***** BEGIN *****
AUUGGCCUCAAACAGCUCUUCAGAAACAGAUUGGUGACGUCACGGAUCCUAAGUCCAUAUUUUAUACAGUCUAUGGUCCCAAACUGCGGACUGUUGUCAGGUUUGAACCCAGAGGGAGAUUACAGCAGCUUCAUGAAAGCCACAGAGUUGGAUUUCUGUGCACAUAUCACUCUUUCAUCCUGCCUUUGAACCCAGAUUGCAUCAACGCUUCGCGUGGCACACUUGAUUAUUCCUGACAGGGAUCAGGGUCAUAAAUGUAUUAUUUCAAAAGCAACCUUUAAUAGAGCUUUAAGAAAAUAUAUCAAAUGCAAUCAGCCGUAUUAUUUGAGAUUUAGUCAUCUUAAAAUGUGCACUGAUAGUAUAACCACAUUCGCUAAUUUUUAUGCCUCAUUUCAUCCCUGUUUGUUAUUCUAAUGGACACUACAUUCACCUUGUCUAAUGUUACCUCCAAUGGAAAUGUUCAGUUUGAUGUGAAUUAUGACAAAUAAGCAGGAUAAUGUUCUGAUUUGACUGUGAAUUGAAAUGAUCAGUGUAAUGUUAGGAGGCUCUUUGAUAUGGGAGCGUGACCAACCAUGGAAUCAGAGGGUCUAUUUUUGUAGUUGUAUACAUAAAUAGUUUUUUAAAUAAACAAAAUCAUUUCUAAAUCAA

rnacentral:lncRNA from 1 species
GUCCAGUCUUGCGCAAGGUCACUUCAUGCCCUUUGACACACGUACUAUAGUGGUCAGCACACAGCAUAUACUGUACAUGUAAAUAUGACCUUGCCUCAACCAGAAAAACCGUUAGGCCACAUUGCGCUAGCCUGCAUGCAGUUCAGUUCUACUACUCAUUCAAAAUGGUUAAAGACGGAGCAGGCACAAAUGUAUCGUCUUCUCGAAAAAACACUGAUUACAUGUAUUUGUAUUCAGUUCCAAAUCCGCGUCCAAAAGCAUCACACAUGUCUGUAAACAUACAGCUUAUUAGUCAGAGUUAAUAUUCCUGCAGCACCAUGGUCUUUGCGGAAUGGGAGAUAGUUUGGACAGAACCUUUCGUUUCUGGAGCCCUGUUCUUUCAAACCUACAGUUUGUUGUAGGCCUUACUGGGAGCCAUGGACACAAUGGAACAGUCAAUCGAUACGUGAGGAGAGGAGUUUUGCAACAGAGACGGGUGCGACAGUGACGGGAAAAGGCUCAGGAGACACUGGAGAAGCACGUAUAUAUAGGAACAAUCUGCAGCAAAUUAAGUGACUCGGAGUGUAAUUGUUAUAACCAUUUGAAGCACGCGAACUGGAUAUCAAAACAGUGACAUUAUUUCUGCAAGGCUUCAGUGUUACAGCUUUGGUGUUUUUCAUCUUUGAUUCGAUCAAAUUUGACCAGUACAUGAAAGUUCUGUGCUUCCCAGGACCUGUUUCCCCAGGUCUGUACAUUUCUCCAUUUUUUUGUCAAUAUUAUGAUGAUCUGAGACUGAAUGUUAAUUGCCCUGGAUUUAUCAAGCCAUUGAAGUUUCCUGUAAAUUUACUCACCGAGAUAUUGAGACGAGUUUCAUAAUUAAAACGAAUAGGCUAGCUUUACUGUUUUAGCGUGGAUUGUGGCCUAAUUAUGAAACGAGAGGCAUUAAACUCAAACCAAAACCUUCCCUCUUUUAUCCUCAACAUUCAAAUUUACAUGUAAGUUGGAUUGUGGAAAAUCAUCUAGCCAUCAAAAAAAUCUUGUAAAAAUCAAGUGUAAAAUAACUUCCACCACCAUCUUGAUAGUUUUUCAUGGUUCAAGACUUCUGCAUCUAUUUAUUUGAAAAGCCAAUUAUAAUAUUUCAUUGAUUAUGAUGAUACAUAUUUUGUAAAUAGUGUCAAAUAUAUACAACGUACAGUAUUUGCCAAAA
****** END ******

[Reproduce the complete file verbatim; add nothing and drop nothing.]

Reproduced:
AUUGGCCUCAAACAGCUCUUCAGAAACAGAUUGGUGACGUCACGGAUCCUAAGUCCAUAUUUUAUACAGUCUAUGGUCCCAAACUGCGGACUGUUGUCAGGUUUGAACCCAGAGGGAGAUUACAGCAGCUUCAUGAAAGCCACAGAGUUGGAUUUCUGUGCACAUAUCACUCUUUCAUCCUGCCUUUGAACCCAGAUUGCAUCAACGCUUCGCGUGGCACACUUGAUUAUUCCUGACAGGGAUCAGGGUCAUAAAUGUAUUAUUUCAAAAGCAACCUUUAAUAGAGCUUUAAGAAAAUAUAUCAAAUGCAAUCAGCCGUAUUAUUUGAGAUUUAGUCAUCUUAAAAUGUGCACUGAUAGUAUAACCACAUUCGCUAAUUUUUAUGCCUCAUUUCAUCCCUGUUUGUUAUUCUAAUGGACACUACAUUCACCUUGUCUAAUGUUACCUCCAAUGGAAAUGUUCAGUUUGAUGUGAAUUAUGACAAAUAAGCAGGAUAAUGUUCUGAUUUGACUGUGAAUUGAAAUGAUCAGUGUAAUGUUAGGAGGCUCUUUGAUAUGGGAGCGUGACCAACCAUGGAAUCAGAGGGUCUAUUUUUGUAGUUGUAUACAUAAAUAGUUUUUUAAAUAAACAAAAUCAUUUCUAAAUCAA

rnacentral:lncRNA from 1 species
GUCCAGUCUUGCGCAAGGUCACUUCAUGCCCUUUGACACACGUACUAUAGUGGUCAGCACACAGCAUAUACUGUACAUGUAAAUAUGACCUUGCCUCAACCAGAAAAACCGUUAGGCCACAUUGCGCUAGCCUGCAUGCAGUUCAGUUCUACUACUCAUUCAAAAUGGUUAAAGACGGAGCAGGCACAAAUGUAUCGUCUUCUCGAAAAAACACUGAUUACAUGUAUUUGUAUUCAGUUCCAAAUCCGCGUCCAAAAGCAUCACACAUGUCUGUAAACAUACAGCUUAUUAGUCAGAGUUAAUAUUCCUGCAGCACCAUGGUCUUUGCGGAAUGGGAGAUAGUUUGGACAGAACCUUUCGUUUCUGGAGCCCUGUUCUUUCAAACCUACAGUUUGUUGUAGGCCUUACUGGGAGCCAUGGACACAAUGGAACAGUCAAUCGAUACGUGAGGAGAGGAGUUUUGCAACAGAGACGGGUGCGACAGUGACGGGAAAAGGCUCAGGAGACACUGGAGAAGCACGUAUAUAUAGGAACAAUCUGCAGCAAAUUAAGUGACUCGGAGUGUAAUUGUUAUAACCAUUUGAAGCACGCGAACUGGAUAUCAAAACAGUGACAUUAUUUCUGCAAGGCUUCAGUGUUACAGCUUUGGUGUUUUUCAUCUUUGAUUCGAUCAAAUUUGACCAGUACAUGAAAGUUCUGUGCUUCCCAGGACCUGUUUCCCCAGGUCUGUACAUUUCUCCAUUUUUUUGUCAAUAUUAUGAUGAUCUGAGACUGAAUGUUAAUUGCCCUGGAUUUAUCAAGCCAUUGAAGUUUCCUGUAAAUUUACUCACCGAGAUAUUGAGACGAGUUUCAUAAUUAAAACGAAUAGGCUAGCUUUACUGUUUUAGCGUGGAUUGUGGCCUAAUUAUGAAACGAGAGGCAUUAAACUCAAACCAAAACCUUCCCUCUUUUAUCCUCAACAUUCAAAUUUACAUGUAAGUUGGAUUGUGGAAAAUCAUCUAGCCAUCAAAAAAAUCUUGUAAAAAUCAAGUGUAAAAUAACUUCCACCACCAUCUUGAUAGUUUUUCAUGGUUCAAGACUUCUGCAUCUAUUUAUUUGAAAAGCCAAUUAUAAUAUUUCAUUGAUUAUGAUGAUACAUAUUUUGUAAAUAGUGUCAAAUAUAUACAACGUACAGUAUUUGCCAAAA